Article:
TOPEKA, Kan. (WIBW) – The Action Sports Association High School Tour spoke to Shawnee Heights High School students on Tuesday on ways to prevent bullying through action sports.
The ASA “No Hate Tour” is a program of professional BMX riders and skateboarders, they use action sports to ‘drive home’ lessons about bullying prevention tools.
“It has been a rough year for everyone and everybody’s been home and we’ve been very socially distance,” Shawnee Heights HS Social Worker, Corey Hinton said. “So I’m hoping that you know them seeing professionals doing different sports and tricks and things that it will just kind of put some excitement within them.”
Shawnee Heights High School used a unique method to talk about bullying prevention.
“I think students get kind of tired of the same oh thing that we’ve just kind of said over and over and the posters that we’ve had and I thought this would be an exciting way so maybe spark some interest in just to remind them that they could be there for each other and to step up when they need to,” Hinton explained.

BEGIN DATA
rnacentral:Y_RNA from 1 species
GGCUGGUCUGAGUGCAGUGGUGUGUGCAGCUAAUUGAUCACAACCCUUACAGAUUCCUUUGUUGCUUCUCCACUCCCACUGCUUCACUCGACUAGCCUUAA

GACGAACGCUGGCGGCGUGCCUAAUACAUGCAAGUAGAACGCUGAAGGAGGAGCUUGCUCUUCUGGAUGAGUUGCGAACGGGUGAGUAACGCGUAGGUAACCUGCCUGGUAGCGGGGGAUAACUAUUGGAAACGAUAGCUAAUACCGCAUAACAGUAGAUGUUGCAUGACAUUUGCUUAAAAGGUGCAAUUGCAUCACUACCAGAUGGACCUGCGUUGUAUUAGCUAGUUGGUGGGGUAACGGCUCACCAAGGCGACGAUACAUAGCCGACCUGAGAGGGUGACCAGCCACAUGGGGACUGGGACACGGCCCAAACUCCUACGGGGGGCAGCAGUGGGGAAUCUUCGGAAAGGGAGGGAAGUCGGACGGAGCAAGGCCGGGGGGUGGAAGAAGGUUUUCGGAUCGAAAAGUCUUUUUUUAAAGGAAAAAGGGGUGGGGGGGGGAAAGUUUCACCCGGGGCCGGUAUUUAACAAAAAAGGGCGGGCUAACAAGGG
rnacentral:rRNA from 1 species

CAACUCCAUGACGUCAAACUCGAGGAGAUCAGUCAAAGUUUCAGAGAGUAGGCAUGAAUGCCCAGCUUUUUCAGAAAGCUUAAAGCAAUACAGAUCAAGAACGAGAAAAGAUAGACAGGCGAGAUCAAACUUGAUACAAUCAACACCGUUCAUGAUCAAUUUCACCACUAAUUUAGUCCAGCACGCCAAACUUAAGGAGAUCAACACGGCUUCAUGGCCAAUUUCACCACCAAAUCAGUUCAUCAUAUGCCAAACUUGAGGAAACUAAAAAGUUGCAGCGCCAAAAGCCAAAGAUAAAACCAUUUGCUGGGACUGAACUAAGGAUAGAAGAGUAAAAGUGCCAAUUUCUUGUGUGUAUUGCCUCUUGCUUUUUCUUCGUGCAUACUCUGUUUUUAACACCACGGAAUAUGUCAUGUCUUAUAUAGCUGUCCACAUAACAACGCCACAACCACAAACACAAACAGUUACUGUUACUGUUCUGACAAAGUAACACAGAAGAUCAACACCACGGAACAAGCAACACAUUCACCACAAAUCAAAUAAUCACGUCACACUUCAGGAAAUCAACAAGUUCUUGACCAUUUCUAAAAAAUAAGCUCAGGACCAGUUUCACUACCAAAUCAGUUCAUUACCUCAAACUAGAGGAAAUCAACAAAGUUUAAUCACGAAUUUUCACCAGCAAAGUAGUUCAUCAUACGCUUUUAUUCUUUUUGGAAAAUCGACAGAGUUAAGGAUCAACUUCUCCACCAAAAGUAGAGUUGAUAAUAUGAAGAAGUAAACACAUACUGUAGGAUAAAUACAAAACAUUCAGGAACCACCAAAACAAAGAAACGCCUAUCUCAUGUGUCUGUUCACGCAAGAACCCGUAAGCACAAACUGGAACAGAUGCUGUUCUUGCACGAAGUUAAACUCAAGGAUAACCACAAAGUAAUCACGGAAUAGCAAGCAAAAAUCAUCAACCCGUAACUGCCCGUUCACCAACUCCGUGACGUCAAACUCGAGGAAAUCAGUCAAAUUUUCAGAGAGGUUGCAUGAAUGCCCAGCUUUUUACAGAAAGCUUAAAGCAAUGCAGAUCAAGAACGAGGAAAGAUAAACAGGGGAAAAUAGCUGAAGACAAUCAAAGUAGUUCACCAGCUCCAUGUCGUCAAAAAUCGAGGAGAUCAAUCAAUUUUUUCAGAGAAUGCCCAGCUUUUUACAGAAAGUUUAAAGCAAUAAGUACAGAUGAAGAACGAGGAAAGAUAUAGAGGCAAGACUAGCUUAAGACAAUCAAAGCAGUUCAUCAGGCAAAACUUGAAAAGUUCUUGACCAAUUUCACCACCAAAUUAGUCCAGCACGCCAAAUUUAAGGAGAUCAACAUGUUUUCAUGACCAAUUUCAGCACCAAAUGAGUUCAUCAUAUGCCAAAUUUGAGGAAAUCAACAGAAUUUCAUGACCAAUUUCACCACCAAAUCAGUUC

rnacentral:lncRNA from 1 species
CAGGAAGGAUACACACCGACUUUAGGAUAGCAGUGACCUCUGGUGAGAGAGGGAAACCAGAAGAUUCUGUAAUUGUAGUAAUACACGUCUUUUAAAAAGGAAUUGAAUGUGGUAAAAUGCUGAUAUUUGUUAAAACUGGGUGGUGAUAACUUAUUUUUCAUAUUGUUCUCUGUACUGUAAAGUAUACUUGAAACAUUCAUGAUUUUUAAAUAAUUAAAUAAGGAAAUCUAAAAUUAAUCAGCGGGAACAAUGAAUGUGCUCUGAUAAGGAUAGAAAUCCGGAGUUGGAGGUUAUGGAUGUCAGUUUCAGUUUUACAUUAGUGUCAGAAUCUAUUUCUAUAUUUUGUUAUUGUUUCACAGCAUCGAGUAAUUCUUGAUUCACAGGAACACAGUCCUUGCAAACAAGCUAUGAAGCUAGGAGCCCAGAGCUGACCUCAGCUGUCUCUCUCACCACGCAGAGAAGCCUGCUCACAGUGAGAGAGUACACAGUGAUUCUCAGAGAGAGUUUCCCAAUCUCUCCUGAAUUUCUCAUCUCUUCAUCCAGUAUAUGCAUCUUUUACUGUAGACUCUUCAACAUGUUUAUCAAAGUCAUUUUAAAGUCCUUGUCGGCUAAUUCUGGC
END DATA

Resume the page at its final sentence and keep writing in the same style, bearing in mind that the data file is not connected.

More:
The event featured some high-flying athletes doing stunts on BMX bikes while show emcee Zach Yankush shared statistics on bullying and tips to stop it.
“It’s one thing if you see it on tv or on the internet but when you see it in person, you see these guys going upside down it’s really really captivating and we literally use that to grab the kids attention and then bring home that really important message,” Zack Yankush, the No Hate Tour Manager said.
The event was sponsored by the U.S. marines who want to provide students with resources.
“We’re not about bullying, were all about teamwork and supporting each other. When it comes to things that were able to do as marines, it kind of starts back here in high school being able to take care of one another,” Sgt. Daniel Holley with the U.S. Marines said.
“Those people in high school may not be equipped with the same tools that adults may be so, we want to come out and spread awareness so that they’re to get the resources, and help they need at the earlier stages rather than when it’s too late,” Sgt. Holley said.
Students and teachers even got in on the action reminding students to ask for help when they’re in need.
“By reaching out so I may be doing some events like this and different activities and they’ll know that it’s ok to talk about it and it’s ok to come to staff and the teachers and anyone else in the building,” Hinton said.
Shawnee Heights encourages any students to contact an adult, staff member or counselor if they are, or knows anyone that needs help, or call the national suicide prevention number at (800)-273-8255.
Original Article published at WIBW